Hey, Bud, You Forgot about E-book Readers
Most of us have forgotten what we said about microfilm (“It would shrink libraries to shoebox size”), or when educational television was invented (“We’ll need fewer teachers in the future”). Try reading an e-book reader for more than a half-hour. Headaches and eyestrain are the best results. Besides, if what you’re reading is more than two pages long, what do you do? Print it. Where’s a tree hugger when you really need one? Moreover, the cost of readers runs from $200 to $2,000, the cheaper ones being harder on the eyes. Will this change? Doubtless, but right now there’s no market forces making it change. Will it change in less than 75 years? Unlikely!
My comment: Books and Internet are complimentary to each other not substitutes, internet was invented because books dont serve all purposes isn’t it?!
Aren’t There Library-less Universities Now?
No. The newest state university in California at Monterey opened without a library building a few years ago. For the last two years, they’ve been buying books by the tens of thousands because—surprise, surprise—they couldn’t find what they needed on the Internet. California Polytechnic State University, home of the world’s highest concentration of engineers and computer geeks, explored the possibility of a virtual (fully electronic) library for two years. Their solution was a $42-million traditional library with, of course, a strong electronic component. In other words, a fully virtualized library just can’t be done. Not yet, not now, not in our lifetimes.
My comment: same as above
But a Virtual State Library Would Do It, Right?
Do what, bankrupt the state? Yes, it would. The cost of having everything digitized is incredibly high, costing tens of millions of dollars just in copyright releases. And this buys only one virtual library at one university. Questia Media, the biggest such outfit, just spent $125 million digitizing 50,000 books released (but not to libraries!) in January. At this rate, to virtualize a medium-sized library of 400,000 volumes would cost a mere $1,000,000,000! Then you need to make sure students have equitable access everywhere they need it, when they need it. Finally, what do you do with rare and valuable primary sources once they are digitized? Take them to the dump? And you must hope the power never, ever goes out. Sure, students could still read by candlelight, but what would they be reading?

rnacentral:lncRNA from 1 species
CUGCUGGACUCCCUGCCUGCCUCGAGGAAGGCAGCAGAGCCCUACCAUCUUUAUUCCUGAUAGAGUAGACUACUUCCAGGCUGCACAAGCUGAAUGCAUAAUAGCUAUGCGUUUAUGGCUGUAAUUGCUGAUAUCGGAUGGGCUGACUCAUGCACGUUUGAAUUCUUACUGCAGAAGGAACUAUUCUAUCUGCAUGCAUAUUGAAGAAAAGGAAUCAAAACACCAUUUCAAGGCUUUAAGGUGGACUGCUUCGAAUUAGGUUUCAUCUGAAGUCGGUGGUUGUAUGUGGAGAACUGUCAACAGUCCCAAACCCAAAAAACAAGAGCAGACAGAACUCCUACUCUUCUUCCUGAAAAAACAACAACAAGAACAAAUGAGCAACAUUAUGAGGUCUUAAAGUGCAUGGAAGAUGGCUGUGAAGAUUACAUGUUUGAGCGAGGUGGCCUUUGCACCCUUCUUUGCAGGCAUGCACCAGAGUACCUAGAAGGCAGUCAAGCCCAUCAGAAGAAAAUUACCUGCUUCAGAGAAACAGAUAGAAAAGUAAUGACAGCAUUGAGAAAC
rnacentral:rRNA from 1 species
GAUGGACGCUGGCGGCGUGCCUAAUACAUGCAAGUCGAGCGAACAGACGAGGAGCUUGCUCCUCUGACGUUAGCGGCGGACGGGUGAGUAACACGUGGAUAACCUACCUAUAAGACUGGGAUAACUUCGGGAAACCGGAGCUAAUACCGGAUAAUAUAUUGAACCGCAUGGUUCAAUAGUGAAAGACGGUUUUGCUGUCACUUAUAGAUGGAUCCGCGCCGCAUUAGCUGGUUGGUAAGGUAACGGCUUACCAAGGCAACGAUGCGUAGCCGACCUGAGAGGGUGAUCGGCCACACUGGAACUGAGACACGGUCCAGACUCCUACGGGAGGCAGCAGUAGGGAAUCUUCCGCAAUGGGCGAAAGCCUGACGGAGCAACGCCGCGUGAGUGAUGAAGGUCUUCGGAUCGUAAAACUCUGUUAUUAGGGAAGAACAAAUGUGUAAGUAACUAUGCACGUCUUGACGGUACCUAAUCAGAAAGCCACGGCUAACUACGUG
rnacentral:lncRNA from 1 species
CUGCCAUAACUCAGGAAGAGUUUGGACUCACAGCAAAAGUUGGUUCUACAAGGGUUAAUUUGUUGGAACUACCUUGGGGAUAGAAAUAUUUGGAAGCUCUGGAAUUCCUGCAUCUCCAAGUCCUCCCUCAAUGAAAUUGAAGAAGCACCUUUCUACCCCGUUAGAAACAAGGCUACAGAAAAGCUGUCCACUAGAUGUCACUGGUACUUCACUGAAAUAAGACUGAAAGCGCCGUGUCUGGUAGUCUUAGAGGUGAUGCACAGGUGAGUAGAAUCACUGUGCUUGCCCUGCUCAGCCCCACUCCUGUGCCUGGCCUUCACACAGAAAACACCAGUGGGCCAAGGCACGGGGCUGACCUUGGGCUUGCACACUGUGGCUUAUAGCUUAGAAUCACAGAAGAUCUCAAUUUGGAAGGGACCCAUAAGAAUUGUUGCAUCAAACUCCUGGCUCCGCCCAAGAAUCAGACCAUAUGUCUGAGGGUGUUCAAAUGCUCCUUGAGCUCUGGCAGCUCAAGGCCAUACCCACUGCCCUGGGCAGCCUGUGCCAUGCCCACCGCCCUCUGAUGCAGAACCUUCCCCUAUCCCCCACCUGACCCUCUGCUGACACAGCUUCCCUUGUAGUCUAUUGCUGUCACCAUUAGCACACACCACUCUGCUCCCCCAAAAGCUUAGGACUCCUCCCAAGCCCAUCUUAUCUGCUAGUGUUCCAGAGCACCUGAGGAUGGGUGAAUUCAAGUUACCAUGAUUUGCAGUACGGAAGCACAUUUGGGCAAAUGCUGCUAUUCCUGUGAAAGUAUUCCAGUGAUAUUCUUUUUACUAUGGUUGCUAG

The Internet: A Mile Wide, an Inch (or Less) Deep
Looking into the abyss of the Internet is like vertigo over a void. But the void has to do not only with what’s there, but also with what isn’t. Not much on the Internet is more than 15 years old. Vendors offering magazine access routinely add a new year while dropping an earlier one. Access to older material is very expensive. It’ll be useful, in coming years, for students to know (and have access to) more than just the scholarly materials written in the last 10 to15 years.
My comment: access to archives is quite easy and not very expensive today
The Internet Is Ubiquitous but Books Are Portable
In a recent survey of those who buy electronic books, more than 80% said they like buying paper books over the Internet, not reading them on the Web. We have nearly 1,000 years of reading print in our bloodstream and that’s not likely to change in the next 75. Granted, there will be changes in the delivery of electronic materials now, and those changes, most of them anyway, will be hugely beneficial. But humankind, being what it is, will always want to curl up with a good book—not a laptop—at least for the foreseeable future.
My comment: agree books have a personal feel, but its not very wise to get everything we want in the form of books considering the environmental issues.
The Web is great; but it’s a woefully poor substitute for a full-service library. It is mad idolatry to make it more than a tool. Libraries are icons of our cultural intellect, totems to the totality of knowledge. If we make them obsolete, we’ve signed the death warrant to our collective national conscience, not to mention sentencing what’s left of our culture to the waste bin of history. No one knows better than librarians just how much it costs to run a library. We’re always looking for ways to trim expenses while not contracting service. The Internet is marvelous, but to claim, as some now do, that it’s making libraries obsolete is as silly as saying shoes have made feet unnecessary.
Not all the points are agreeable, internet has certainly gone a very long way but however books cannot be substituted My advice is ‘Be a smart user’ use books abundantly and internet moderately-use skillfully and be ‘appy!
Credits to ala.org for the article.
This article originally appeared in American Libraries, April 2001, p. 76–78.